To properly evaluate RAG systems, both quantitative and qualitative output validation is crucial. Traditional text generation tasks were often validated using common metrics like

  • BLEU (BiLingual Evaluation Understudy)

  • ROUGE (Recall-Oriented Understudy for Gisting Evaluation)

  • METEOR (Metric for Evaluation of Translation with Explicit ORdering)

Now with the recent rise of LLMs, the output validation scene has altered significantly. Whereas the above metrics are still valuable today for tasks like translation, in the context of question answering and summarisation with LLMs and RAG system, they have become less relevant.

Output validation for RAG goes a step beyond output validation for text generation processes. RAG systems must not only be validated on the textual output generated, rather, they should be validated on retrieval, generated output and the overall combination of both (the end-to-end pipeline). It is crucial to quantify if and to what extent the retrieval component of the RAG systems is able to find the right pieces of information to feed to the generation component. Solely validating the generated output would be too narrow as the user cannot track the root cause of suboptimal performance: poor retrieval or poor generation.

Framework for Validating RAG Performance

Luckily, there are frameworks available that facilitate output validation of RAG systems. One of the most promising frameworks is ‘RAGAs’ (Retrieval-Augmented Generation Assessment), providing a range of performance metrics to evaluate information or context retrieval, output generation, and the end-to-end RAG pipeline. Often, frameworks like RAGAs focus on quantitative validation, ignoring qualitative validation for a bit. Since qualitative validation does hold significant value, we propose an extended output validation framework, as can be seen from the figure below.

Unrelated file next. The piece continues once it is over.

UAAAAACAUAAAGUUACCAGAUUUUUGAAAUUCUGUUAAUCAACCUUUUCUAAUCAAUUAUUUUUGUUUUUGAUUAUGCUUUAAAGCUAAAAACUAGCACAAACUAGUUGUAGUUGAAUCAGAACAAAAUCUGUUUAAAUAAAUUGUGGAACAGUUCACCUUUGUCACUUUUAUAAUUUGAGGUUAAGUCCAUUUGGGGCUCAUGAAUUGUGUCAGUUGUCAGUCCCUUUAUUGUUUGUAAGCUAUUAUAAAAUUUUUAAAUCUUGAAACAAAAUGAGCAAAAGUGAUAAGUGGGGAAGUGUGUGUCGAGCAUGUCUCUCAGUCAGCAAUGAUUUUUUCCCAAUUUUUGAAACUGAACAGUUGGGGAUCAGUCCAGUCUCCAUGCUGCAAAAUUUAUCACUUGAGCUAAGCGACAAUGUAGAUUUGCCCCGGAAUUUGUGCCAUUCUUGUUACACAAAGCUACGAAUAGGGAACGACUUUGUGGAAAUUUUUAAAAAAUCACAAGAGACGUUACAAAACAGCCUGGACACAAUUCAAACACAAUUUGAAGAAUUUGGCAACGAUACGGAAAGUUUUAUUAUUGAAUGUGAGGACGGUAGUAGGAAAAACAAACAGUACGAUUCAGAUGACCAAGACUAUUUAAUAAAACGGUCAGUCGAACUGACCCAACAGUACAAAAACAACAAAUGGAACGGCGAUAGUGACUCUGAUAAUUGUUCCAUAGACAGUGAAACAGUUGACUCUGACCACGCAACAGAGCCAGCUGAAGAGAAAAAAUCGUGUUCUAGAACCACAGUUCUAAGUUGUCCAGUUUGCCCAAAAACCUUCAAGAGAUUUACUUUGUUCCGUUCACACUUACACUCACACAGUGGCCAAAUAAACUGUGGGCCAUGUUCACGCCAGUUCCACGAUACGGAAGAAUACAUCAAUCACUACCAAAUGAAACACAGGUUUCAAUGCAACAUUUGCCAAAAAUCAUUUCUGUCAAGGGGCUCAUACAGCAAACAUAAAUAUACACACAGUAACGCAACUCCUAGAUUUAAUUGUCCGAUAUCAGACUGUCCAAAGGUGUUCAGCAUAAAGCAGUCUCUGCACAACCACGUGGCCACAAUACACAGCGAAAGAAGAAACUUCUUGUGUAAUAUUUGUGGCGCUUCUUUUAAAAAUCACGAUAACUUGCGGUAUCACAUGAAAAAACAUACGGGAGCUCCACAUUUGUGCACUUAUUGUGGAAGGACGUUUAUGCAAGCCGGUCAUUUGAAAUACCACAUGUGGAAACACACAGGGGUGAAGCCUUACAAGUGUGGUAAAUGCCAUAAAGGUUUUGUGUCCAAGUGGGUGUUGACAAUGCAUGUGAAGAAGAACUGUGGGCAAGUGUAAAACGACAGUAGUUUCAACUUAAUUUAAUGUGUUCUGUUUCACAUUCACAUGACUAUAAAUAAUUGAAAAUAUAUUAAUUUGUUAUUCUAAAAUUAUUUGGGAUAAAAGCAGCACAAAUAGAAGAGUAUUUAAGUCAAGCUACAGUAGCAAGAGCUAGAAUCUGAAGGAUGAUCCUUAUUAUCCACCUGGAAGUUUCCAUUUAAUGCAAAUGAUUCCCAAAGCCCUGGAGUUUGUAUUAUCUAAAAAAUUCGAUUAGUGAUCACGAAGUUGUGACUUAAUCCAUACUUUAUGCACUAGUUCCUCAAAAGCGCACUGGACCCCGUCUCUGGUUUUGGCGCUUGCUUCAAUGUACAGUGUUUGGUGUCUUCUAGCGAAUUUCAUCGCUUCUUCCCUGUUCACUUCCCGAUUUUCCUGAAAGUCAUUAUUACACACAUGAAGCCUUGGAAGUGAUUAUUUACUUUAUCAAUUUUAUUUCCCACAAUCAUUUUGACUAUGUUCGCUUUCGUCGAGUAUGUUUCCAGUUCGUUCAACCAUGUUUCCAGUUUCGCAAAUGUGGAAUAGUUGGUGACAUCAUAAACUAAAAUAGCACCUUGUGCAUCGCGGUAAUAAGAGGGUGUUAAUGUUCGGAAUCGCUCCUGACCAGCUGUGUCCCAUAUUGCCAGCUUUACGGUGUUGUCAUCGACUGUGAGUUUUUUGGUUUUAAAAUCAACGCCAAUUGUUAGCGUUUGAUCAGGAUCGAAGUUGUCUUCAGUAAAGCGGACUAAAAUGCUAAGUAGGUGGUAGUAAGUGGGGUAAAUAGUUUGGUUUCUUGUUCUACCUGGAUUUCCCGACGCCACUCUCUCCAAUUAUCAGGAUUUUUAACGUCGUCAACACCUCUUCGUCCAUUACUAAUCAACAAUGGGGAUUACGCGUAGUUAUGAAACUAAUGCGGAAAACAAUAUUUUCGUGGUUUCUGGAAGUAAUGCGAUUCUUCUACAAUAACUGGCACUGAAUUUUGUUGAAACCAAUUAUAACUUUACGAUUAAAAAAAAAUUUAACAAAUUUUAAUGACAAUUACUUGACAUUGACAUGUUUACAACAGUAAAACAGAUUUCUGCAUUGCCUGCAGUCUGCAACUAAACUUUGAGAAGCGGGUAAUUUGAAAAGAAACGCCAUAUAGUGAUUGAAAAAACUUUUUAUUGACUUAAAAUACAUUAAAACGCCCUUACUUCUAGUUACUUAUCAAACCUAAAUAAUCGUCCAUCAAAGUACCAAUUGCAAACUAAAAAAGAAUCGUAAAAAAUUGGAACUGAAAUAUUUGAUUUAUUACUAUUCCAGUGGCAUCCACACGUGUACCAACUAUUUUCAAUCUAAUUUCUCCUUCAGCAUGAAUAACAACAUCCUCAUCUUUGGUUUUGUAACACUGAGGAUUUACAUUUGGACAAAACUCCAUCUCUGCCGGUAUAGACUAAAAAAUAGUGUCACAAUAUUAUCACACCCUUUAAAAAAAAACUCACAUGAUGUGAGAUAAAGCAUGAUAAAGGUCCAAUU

RAG Output Validation Framework

The framework contains both quantitative and qualitative output validation facets. Broadly speaking, three building blocks can be distinguished. At the quantitative output validation side, the RAGAs framework will be used to validate retrieval, generation, and the end-to-end pipeline. On the qualitative side, human validation will be used to qualitatively assess the output of the RAG system. In between, LLM-based validation is used as a combination of quantitative and qualitative validation. The framework takes four different pieces of information as an input:

  • Question (Q): the query provided by the user of the RAG system.

  • Context (C): the information retrieved by the RAG system.

  • Answer (A): the output provided by the RAG system, based on the retrieved context.

  • Ground Truth (GT): the true and ideal answer to the query. Think of it as an established, ‘golden batch’ answer to your question, satisfying all requirements needed for the right answer.

Building Block 1: RAGAs framework

The RAGAs framework validates both the retrieval and output component of the RAG system while also providing performance metrics to evaluate the end-to-end RAG pipeline. An overview of the RAGAs framework is provided in the figure below.